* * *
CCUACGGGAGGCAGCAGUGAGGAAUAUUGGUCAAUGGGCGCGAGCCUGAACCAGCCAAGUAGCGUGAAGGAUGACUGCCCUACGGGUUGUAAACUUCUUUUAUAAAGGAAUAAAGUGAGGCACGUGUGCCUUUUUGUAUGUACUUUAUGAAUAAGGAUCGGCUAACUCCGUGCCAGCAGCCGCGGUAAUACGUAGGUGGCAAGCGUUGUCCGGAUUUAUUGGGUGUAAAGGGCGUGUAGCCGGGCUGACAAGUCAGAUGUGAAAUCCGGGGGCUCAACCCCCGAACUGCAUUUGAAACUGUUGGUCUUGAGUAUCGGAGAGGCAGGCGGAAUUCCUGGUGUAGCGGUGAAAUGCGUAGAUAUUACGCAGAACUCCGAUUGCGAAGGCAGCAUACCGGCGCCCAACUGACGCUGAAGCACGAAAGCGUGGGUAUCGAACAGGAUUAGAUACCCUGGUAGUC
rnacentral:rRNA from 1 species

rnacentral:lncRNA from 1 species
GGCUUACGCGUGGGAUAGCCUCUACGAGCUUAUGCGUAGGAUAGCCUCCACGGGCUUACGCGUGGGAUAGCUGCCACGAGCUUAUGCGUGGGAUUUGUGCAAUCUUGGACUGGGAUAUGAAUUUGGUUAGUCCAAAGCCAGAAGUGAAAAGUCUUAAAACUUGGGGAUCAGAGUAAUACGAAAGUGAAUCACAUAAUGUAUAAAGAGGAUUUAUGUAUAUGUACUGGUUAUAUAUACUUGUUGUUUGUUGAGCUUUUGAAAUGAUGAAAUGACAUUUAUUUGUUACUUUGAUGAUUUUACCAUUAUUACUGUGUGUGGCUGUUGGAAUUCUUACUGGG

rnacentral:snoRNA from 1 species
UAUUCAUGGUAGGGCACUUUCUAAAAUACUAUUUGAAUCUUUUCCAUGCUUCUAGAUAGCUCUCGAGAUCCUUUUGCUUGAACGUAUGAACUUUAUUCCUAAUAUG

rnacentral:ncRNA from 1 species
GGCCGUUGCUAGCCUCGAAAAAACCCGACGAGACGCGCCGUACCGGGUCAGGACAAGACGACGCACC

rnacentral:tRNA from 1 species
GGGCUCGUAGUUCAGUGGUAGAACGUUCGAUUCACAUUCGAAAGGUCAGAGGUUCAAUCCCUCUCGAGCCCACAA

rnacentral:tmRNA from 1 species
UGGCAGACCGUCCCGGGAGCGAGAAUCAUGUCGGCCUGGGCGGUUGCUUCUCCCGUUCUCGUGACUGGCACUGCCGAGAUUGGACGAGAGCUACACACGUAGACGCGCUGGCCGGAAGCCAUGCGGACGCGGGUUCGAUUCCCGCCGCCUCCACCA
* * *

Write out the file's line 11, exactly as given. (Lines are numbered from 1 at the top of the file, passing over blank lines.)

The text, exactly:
rnacentral:tmRNA from 1 species